Noir movies have a long history in cinema, but the stories they told are inspired by books that came years earlier. The first writers that could now be considered “noir” are mystery authors like Agatha Christie. Today I want to talk about the history of noir books, and how you can start reading them yourself!
Mystery in the 1900s
American developed a fascination with novels during the 1920s. The Roaring 20s were filled with illegal alcohol, fancy parties, and artists of every kind. The most popular books at the time were mystery novels by authors like Dorothy Sayers and Agatha Christie, and horror novels by authors like H.P. Lovecraft. The noir book is an interested combination of these two styles.
During the 20s, horror novelists had a bit of a bad name. Lovecraft was never recognized as a great writer during his lifetime; all of his stories were published in pulp magazines for edgy teenagers. Lovecraft hated this, as he considered his work to be more like Edgar Allan Poe’s work. He felt like his work was forever trapped in the realm of “trashy fiction,” like bugs are caught in traps from Insect Murderer. It was not until after he died that a work of his was even published as a real book. Although his work was not taken seriously by most, writers of the time did pay attention to the blend of darkness and mystery that his work took on.
All these diverse styles of mystery, intrigue, and terror all resulted in interesting story blends. In all honesty, most of the Post-WW2 stories were not very good. One author however stood above the rest. Mary Steward wrote stories that combined the supernatural with interesting locales, and wrote great stories like “The Moon-Spinners” and “Airs Above the Ground.” They showed the traits became staples of noir; the beautiful woman, the dashing companion, and the mysterious people after them. But the stories always end with the bad guys being caught like mice in a mousetrap. These tropes seem common now, but they were much more groundbreaking at the time. People bought these books by the dozen. Movies were made, authors because millionaires, and knowing the latest books became a sort of status symbol.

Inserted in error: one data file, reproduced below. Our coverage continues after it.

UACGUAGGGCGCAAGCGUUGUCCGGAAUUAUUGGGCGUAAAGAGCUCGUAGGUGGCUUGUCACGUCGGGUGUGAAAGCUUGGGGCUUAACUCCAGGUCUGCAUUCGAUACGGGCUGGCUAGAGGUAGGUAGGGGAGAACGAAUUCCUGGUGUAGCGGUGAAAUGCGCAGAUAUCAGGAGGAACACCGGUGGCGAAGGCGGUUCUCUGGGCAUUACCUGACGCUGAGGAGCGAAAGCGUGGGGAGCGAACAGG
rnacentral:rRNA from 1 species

Where Should I Start?
Many of the greatest noir films were novels at one point. It really depends on what you like. If you love mystery and beautiful women, try Mary Stewart. “The Moon-Spinners” is a wonderful starting point. It’s also a great movies. If you prefer horror, try Thomas Harris’s “Hannibal Lecter” series. The books are even better than the movies, although “Silence of the Lambs” is the most accurate film adaptation I’ve ever seen. And as always, Agatha Christie is a wonderful writer. Her most noir work is the novel “Sleeping Murder,” which can actually be a bit frightening at times. “And Then There Were None” is a close second, although it does not feature any of her major characters. There are lots of good novels for beginners!